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Chas Chandler (1938 -1996)

Chas Chandler was born in Heaton, Newcastle, on 18th December 1938; he lived at no. 35, Second Avenue in Heaton from 1938 - 1964. Chandler worked as a turner at the Swan Hunter shipyard and Parson's engineering works before becoming a full-time musician. It was whilst working as a shipyard turner that Chandler leaned to play guitar in his spare time, and later bass. He then went on to become the bassist in the band, the Animals. Later he switched to producing and management; notably including managing Slade and Jimi Hendrix. Chandler is said to have brought Hendrix to the Newcastle in 1966, where he busked on Chillingham Road in Heaton. Chandler was a co-founder and funder of Newcastle Arena, which opened in 1995. Chandler died following a heart attack on the 17th of July 1996, aged 57, at Newcastle General Hospital. 

Bryan James "Chas" Chandler (18 December 1938 – 17 July 1996) was an English musician, record producer and manager, best known as the original bassist in The Animals. He also managed the band Slade and Jimi Hendrix, about whom he was regularly interviewed until his death in 1996.

Early life

Chandler was born in Heaton, Newcastle upon Tyne. After leaving school, he worked as a turner in the Tyneside shipyards. Having originally learned to play the guitar, he became the bass player with The Alan Price Trio in 1962.

With The Animals

After Eric Burdon joined the band, the Alan Price Trio was renamed The Animals. Chandler's bass lines were rarely given critical attention but some, including the opening riff of the group's 1965 hit "We Gotta Get Out of This Place" subsequently received praise. Chandler was also the most prominent of the group's backing vocalists and did occasional songwriting with Burdon. In 1966, despite commercial success, Chandler became disillusioned with the lack of money, recalling that, "We toured non-stop for three years, doing 300 gigs a year and we hardly got a penny."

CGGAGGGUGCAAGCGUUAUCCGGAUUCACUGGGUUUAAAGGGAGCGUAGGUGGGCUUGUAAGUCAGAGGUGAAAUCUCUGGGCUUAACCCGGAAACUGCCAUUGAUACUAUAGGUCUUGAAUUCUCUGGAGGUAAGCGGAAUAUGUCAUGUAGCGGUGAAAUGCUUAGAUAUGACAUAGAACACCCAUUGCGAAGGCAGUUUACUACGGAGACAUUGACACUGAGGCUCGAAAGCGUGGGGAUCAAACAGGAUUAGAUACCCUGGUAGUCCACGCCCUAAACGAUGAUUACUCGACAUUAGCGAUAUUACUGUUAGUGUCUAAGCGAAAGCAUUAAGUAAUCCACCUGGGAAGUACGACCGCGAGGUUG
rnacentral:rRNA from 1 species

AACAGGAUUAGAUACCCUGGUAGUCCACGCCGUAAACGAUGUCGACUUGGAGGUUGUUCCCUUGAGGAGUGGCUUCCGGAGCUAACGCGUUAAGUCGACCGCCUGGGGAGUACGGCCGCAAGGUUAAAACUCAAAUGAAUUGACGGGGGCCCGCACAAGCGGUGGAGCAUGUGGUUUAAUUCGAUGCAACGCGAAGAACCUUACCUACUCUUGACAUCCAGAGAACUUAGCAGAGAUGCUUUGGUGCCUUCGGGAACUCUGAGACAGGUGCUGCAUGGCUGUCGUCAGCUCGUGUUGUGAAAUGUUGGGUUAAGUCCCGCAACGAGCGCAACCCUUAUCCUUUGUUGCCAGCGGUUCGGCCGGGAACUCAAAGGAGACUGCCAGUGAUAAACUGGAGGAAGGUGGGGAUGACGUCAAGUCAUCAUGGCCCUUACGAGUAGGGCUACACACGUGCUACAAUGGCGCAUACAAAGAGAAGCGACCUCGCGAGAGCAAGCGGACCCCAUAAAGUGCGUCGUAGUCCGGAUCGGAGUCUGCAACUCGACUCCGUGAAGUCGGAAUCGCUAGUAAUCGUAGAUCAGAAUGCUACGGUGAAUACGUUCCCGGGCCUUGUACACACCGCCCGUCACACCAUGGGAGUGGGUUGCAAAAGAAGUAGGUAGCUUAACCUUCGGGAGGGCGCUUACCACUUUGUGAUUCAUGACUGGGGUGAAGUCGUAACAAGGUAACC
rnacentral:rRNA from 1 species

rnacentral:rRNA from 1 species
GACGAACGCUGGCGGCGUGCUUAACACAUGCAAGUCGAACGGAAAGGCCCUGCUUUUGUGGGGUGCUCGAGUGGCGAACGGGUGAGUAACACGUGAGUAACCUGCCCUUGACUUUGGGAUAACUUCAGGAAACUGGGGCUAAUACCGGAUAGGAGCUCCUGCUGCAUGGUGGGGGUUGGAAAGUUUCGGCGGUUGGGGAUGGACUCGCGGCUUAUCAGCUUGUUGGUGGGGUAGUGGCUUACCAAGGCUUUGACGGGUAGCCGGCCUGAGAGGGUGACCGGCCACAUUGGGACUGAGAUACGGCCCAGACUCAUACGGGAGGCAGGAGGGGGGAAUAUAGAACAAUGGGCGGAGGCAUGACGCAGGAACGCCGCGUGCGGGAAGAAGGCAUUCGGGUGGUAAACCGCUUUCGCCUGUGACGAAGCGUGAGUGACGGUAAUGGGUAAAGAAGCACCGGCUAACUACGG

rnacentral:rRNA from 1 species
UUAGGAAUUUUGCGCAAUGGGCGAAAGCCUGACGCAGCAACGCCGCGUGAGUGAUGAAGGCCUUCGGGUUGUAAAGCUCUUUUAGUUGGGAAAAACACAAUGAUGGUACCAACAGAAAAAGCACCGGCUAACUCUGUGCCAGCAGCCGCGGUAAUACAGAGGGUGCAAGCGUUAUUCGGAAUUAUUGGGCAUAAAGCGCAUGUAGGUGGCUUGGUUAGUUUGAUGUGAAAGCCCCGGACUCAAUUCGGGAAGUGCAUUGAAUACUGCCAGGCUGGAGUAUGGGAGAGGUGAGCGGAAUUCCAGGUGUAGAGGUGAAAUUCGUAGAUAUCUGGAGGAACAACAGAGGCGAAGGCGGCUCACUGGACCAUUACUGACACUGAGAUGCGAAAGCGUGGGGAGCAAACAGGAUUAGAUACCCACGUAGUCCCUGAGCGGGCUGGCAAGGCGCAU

Jimi Hendrix and Slade

After The Animals underwent personnel changes in 1966, Chandler turned to becoming a talent scout, artist manager, and record producer. During his final tour with The Animals, Chandler saw a then-unknown Jimi Hendrix play in Cafe Wha?, a Greenwich Village, New York City nightclub. At the time Hendrix was performing under the name "Jimmy James". In September, Chandler convinced James to accompany him to Britain, which was made possible with the help of Michael Jeffery, who suggested that he revert to his actual name, and later suggested naming the band the Jimi Hendrix Experience. In Britain, Chandler recruited bassist Noel Redding and drummer Mitch Mitchell as the other members of the Experience. His enthusiasm fueled Hendrix during the early days, but halfway through the recording of his third album in 1968, Electric Ladyland, much had changed within the band's framework.